Extended bottlenecks, the fundamental relationship, and capacity drop on freeways
This paper presents evidence that the commonly used point bottleneck model is too simplistic for freeway bottlenecks, the actual mechanism appears to occur over an extended distance. We find evidence of subtle flow limiting and speed reducing phenomena more than a mile downstream of a lane drop bottleneck. These phenomena impact the fundamental relationship, FD. Close to the lane drop the free flow regime appears to come from a "parabolic" FD, but further downstream the relationship straightens to a "triangular" FD and throughput increases. We develop a theory to explain the underlying mechanisms. These insights should help resolve the decades long debate about the shape of the FD. The phenomena also provide a mechanism that may contribute to the empirically observed capacity drop often seen at bottlenecks. Although we study a lane drop, this work should be transferable to other bottlenecks where the capacity restriction persists for an extended distance, e.g., a corridor with a fixed number of lanes and an on-ramp bottleneck.
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Volume (Year): 45 (2011)
Issue (Month): 9 (November)
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References listed on IDEAS
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- Cassidy, Michael J., 1998. "Bivariate relations in nearly stationary highway traffic," Transportation Research Part B: Methodological, Elsevier, vol. 32(1), pages 49-59, January.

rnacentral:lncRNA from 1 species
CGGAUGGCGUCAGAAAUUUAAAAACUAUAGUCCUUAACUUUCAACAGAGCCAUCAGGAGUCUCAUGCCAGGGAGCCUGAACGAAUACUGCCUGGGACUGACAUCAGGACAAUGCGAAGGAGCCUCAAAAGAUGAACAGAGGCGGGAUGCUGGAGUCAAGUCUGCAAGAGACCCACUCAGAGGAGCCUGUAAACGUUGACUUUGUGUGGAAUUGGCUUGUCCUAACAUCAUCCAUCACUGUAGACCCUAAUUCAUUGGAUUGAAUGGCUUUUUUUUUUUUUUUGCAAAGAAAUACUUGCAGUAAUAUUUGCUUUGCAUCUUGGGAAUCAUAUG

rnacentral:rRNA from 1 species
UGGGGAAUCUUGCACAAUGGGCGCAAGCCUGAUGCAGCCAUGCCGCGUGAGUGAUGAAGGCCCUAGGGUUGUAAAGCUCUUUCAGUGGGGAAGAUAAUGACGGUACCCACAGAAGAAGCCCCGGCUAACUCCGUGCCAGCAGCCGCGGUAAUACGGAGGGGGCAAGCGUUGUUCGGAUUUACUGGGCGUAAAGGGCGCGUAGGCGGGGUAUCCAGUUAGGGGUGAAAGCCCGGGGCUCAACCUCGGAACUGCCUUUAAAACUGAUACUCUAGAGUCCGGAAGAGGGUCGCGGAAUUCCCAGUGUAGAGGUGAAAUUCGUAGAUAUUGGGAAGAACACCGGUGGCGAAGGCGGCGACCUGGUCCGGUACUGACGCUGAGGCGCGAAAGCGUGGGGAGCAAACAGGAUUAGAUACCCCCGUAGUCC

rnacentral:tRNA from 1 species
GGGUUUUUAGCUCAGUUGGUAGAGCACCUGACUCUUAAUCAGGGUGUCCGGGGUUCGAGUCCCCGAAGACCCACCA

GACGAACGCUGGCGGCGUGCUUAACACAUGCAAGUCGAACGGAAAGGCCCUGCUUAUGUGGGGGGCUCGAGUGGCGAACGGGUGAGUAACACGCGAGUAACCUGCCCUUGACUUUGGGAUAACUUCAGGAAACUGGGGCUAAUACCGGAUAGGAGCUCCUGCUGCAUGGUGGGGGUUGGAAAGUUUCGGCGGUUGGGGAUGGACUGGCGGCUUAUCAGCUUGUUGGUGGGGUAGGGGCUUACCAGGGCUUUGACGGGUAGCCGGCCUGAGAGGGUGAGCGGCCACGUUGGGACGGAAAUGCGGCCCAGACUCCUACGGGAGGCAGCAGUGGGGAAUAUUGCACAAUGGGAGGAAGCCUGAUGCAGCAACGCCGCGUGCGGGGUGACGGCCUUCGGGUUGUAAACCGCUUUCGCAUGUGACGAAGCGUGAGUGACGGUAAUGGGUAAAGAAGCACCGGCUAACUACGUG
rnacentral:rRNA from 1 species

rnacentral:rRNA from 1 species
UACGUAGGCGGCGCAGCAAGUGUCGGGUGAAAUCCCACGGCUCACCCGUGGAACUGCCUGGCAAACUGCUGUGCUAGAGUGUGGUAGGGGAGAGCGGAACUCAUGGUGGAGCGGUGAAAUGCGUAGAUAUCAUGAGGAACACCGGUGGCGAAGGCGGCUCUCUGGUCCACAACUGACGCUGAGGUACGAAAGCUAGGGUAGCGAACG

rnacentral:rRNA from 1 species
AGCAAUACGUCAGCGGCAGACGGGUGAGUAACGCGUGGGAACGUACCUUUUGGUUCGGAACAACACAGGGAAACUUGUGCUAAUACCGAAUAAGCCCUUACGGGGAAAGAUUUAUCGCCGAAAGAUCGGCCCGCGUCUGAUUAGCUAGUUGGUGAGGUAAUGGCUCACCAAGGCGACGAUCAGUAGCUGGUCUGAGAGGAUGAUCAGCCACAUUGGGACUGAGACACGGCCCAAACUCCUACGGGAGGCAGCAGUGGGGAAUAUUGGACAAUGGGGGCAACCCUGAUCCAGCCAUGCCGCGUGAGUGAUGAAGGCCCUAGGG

- Chung, Koohong & Rudjanakanoknad, Jittichai & Cassidy, Michael J., 2007. "Relation between traffic density and capacity drop at three freeway bottlenecks," Transportation Research Part B: Methodological, Elsevier, vol. 41(1), pages 82-95, January.
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- Laval, Jorge A. & Daganzo, Carlos F., 2006. "Lane-changing in traffic streams," Transportation Research Part B: Methodological, Elsevier, vol. 40(3), pages 251-264, March.
- Laval, Jorge A., 2009. "Effects of geometric design on freeway capacity: Impacts of truck lane restrictions," Transportation Research Part B: Methodological, Elsevier, vol. 43(6), pages 720-728, July.
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